Librarianship, as a profession, has historically stood on the front line of issues challenging freedom of speech. This holds true today with many stories detailing book challenges and attempts to ban titles across the nation. Libraries and librarians are, once again, fully immersed in the culture conflict that is evolving in our country. Admittedly, I am grateful to be an academic librarian where this issue is less pronounced. Still, we are not immune, and our professional obligation requires us to seek answers that preserve freedom while valuing the opinions of others in the most civil manner possible.
On September 22nd from 11am to 2pm, the Watson Library, in partnership with the Wilmington Public Library, will be hosting two discussion sessions on book banning and appropriate responses when titles are challenged at your local library. The goal of these two sessions will be to provide our attendees with ideas about how they can be involved in the process of protecting intellectual freedom by understanding how libraries are administered and the foundational tenets of librarianship in general. This event is open to the public, and we highly encourage Wilmington College Students and Faculty to attend, light refreshments will be provided.
In case you have not heard, in late August, the Biden Administration announced some very substantial changes to public access publishing of government funded research. Though it is still very unclear how these changes will be implemented, it is certain to change many aspects of research and scholarship, and not just for libraries.
The recently released White House Office of Science and Technology Policy (OSTP) memo, “Ensuring Free, Immediate, and Equitable Access to Federally Funded Research”, outlines updated guidance requiring all federally funded research be made freely available upon its publication, to be implemented no later than the start of 2026. However, there are many questions that have not yet been addressed.
OhioLINK has invited Michael Clarke, Managing Partner at Clarke & Esposito, to brief OhioLINK library staff, researchers, faculty, and administrators on the OSTP memo. He will discuss what it means for publishers and researchers, and how it may affect academic library content procurement. If you would like to learn more, please plan to attend this webinar on Thursday, September 29, 2022 at 2PM (registration link below).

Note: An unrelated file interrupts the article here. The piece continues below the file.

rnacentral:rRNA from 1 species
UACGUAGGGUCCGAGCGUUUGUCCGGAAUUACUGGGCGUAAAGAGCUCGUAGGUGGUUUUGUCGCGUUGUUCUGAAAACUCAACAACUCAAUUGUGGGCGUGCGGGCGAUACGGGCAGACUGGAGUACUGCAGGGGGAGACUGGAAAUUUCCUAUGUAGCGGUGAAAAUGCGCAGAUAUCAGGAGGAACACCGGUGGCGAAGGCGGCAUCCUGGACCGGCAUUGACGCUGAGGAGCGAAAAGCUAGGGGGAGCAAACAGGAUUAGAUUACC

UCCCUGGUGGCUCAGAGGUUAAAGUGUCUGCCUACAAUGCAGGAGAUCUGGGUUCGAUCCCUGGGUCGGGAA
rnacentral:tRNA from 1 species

OSTP Memo: What Does it Mean for Publishers, Researchers, and University Libraries? 09.29, 2:00-3:00p.m
The Watson Library is happy to announce two new features on our new website. Each of these pages are very early in development, but they will hopefully become more and more useful to our community over time. The first is our new Video Tutorial Library page. This page currently hosts just one instructional video, but over the coming months it will become a full repository of video content that will cover how to use many of the tools and databases found on our website. Eventually, we hope to be able to make videos on demand for departments, showing how to use discipline specific resources as well.
The second feature release this month is our new Graduate Student Resources page. This page focuses on both the prospective graduate student who is planning to continue their education and, also, the current Wilmington College graduate student. Each of these new webpages will see more and more content added over the coming weeks, so please check them often.
The start of each school year can be a very confusing and overwhelming time. We see it here in the library, as students come to us looking for textbooks to get a jump on their studies. However, our library does not offer any sort of “textbook loaning” program, and other OhioLink libraries who do circulate textbooks, treat those books as any other item that gets loaned out. Therefore, if the book is not returned by its due date, fines and fees will be applied.
However, if a faculty member wishes to place a textbook on reserve here in the library, we can definitely do that, and we even have a page on our website with information on how we can help. We will be developing a web form and a streamlined process later this year to get faculty reserves in the library quicker, and we will also be available to host eReserves in the future as well. Aside from textbooks, if a faculty member is interested in pursuing Open Educational Resources (OER) to help curb textbook costs, we are here for you on that too, just ask.